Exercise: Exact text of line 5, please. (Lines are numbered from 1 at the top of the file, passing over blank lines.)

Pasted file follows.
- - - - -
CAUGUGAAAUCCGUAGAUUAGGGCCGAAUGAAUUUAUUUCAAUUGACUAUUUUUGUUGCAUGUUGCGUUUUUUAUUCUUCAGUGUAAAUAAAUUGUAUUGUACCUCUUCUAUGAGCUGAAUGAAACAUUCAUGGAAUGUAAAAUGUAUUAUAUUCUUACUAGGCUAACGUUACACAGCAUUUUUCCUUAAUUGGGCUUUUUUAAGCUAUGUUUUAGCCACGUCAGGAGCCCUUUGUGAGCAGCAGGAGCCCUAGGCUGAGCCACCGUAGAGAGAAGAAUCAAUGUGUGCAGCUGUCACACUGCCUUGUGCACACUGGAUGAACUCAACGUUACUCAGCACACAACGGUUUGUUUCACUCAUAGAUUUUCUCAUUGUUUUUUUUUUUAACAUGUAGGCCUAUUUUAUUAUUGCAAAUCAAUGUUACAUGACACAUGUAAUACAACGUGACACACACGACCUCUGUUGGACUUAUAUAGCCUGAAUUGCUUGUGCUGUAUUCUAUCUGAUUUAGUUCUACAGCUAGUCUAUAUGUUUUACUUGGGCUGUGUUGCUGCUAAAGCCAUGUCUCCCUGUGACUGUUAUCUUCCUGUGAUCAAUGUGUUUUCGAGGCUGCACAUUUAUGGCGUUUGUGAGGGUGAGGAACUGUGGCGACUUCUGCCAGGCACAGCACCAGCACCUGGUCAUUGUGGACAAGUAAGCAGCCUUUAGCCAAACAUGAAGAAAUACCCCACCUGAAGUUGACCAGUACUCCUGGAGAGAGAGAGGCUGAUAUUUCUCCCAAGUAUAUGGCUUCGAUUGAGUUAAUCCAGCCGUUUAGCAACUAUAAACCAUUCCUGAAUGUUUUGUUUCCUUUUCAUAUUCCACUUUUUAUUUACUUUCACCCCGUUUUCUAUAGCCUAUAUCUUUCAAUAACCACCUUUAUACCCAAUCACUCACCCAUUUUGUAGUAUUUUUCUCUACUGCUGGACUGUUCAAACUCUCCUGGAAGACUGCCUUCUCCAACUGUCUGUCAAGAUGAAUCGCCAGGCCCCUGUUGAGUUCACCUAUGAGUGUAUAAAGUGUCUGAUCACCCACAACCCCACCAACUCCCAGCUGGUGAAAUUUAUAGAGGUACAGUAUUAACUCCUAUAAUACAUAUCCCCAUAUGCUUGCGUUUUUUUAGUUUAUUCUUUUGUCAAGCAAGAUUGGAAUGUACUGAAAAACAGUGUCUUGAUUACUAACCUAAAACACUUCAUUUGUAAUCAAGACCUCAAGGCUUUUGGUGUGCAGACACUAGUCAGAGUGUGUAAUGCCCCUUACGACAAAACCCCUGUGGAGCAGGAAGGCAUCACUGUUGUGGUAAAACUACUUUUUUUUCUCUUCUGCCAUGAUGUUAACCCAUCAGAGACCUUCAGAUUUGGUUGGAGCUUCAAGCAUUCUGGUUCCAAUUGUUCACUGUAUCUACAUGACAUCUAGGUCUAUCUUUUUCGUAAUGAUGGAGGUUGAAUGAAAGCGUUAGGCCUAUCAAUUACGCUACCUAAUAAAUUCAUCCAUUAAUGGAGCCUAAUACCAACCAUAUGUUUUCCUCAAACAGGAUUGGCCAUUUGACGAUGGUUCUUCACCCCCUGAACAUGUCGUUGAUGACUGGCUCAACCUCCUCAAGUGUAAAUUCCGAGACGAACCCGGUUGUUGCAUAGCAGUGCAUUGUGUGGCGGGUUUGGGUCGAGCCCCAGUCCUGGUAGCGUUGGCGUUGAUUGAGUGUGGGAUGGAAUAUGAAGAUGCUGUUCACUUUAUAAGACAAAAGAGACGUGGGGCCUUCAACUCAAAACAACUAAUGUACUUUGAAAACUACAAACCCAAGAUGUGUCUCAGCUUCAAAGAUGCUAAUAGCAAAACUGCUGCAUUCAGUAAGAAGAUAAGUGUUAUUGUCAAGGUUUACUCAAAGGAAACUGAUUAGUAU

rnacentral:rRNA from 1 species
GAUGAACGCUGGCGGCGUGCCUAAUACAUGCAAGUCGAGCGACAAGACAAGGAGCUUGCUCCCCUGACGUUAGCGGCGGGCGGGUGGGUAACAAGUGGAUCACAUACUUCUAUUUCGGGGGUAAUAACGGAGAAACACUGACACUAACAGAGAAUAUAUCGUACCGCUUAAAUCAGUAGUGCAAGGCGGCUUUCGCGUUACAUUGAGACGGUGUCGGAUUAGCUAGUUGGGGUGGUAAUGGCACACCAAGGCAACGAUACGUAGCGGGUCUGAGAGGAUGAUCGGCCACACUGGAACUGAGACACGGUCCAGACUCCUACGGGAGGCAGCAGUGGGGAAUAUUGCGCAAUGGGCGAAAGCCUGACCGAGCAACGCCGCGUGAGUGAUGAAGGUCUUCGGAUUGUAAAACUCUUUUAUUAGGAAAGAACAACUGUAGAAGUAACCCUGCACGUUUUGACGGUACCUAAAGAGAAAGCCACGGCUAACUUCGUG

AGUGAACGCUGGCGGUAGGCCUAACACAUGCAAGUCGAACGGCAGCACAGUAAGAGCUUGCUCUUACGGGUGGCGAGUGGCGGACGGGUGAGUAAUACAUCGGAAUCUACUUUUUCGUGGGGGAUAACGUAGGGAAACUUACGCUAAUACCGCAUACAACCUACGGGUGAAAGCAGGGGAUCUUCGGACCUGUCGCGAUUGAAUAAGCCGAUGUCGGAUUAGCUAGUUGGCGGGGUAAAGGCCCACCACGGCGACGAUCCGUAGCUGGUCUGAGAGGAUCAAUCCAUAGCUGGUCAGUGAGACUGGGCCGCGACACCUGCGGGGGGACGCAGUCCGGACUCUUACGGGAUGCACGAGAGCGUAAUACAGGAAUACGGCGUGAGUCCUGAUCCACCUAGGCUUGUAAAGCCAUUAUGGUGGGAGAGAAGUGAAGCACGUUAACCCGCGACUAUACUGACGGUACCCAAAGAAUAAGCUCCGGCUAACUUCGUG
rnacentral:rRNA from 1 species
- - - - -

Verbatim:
rnacentral:rRNA from 1 species